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Camaquiri Conservation Initiative Field station

Named after a 16th-century Costa Rican king, Camaquiri is located very close to El Zota and is, therefore, an instance of similar habitat and diversity. It is a newer field station than El Zota and protects 500 acres of older secondary lowland swamp forest, with a decent number of primary trees scattered throughout.

The forest is characterized by streams, lagoons and swamps and, while primarily a bird-watching destination, the station has also recorded 16 mammal species, 38 amphibians (including 36 species of frogs, and 3 dart frogs), as well as 23 species of reptiles. They have also compiled a wonderful butterfly checklist.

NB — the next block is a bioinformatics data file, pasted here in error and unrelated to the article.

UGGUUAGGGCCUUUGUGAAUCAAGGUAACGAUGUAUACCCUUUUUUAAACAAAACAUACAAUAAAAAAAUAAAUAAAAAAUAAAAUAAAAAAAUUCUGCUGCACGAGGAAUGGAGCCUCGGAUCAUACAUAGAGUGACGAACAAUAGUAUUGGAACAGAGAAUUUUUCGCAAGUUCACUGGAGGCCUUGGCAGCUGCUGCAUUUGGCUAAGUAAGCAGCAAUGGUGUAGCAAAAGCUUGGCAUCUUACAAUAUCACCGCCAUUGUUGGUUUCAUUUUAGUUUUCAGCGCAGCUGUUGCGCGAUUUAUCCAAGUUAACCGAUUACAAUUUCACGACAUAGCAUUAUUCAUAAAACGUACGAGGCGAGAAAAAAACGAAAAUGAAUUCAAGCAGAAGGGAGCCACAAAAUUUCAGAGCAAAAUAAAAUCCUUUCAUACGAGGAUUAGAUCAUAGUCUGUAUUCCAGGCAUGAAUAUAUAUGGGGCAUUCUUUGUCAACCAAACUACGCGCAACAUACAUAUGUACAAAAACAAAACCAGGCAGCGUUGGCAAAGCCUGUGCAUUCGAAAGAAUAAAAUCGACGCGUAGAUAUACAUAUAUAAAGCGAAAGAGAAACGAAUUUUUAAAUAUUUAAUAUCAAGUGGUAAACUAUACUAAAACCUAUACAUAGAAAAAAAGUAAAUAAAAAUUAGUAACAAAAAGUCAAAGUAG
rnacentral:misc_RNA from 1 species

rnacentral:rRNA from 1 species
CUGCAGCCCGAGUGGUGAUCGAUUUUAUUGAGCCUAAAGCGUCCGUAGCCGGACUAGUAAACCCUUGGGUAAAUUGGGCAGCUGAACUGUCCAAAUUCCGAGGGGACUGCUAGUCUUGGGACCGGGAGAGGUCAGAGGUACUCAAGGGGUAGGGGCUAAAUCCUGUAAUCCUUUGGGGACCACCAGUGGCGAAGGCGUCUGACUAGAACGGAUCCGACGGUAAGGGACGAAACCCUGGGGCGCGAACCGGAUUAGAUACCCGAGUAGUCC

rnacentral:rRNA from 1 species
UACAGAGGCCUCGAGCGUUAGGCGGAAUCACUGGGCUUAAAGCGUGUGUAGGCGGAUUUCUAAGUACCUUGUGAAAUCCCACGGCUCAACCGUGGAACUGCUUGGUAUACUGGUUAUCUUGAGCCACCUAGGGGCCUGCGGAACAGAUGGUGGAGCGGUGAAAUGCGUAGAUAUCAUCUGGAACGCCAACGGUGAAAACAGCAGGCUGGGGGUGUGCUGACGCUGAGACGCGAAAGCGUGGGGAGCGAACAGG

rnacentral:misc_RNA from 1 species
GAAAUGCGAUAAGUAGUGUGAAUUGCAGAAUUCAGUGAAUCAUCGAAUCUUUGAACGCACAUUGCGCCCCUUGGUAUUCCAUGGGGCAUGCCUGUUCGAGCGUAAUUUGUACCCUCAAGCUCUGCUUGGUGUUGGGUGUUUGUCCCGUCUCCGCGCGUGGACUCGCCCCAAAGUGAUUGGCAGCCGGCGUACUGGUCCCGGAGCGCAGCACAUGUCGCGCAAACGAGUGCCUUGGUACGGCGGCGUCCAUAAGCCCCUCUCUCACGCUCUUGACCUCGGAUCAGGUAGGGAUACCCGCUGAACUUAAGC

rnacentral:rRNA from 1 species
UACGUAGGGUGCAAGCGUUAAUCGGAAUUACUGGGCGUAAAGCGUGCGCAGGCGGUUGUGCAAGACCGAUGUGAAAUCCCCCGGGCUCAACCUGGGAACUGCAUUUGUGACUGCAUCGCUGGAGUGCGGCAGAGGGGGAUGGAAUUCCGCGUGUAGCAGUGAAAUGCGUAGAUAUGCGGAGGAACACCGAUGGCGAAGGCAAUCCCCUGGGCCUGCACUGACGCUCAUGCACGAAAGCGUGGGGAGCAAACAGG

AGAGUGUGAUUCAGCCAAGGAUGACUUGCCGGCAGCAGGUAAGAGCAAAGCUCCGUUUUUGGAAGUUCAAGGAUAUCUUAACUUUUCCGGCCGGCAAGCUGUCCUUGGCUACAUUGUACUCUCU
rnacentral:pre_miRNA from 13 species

Facilities are basic but clean—comfortable, simple cabins with bathrooms, a dining hall and, most importantly, a well-maintained and extensive system of trails. The field station prides itself on sourcing local food and materials and working closely with the local community to provide an authentic Costa Rican experience.

Their website indicates that groups of 5-25 people are welcome.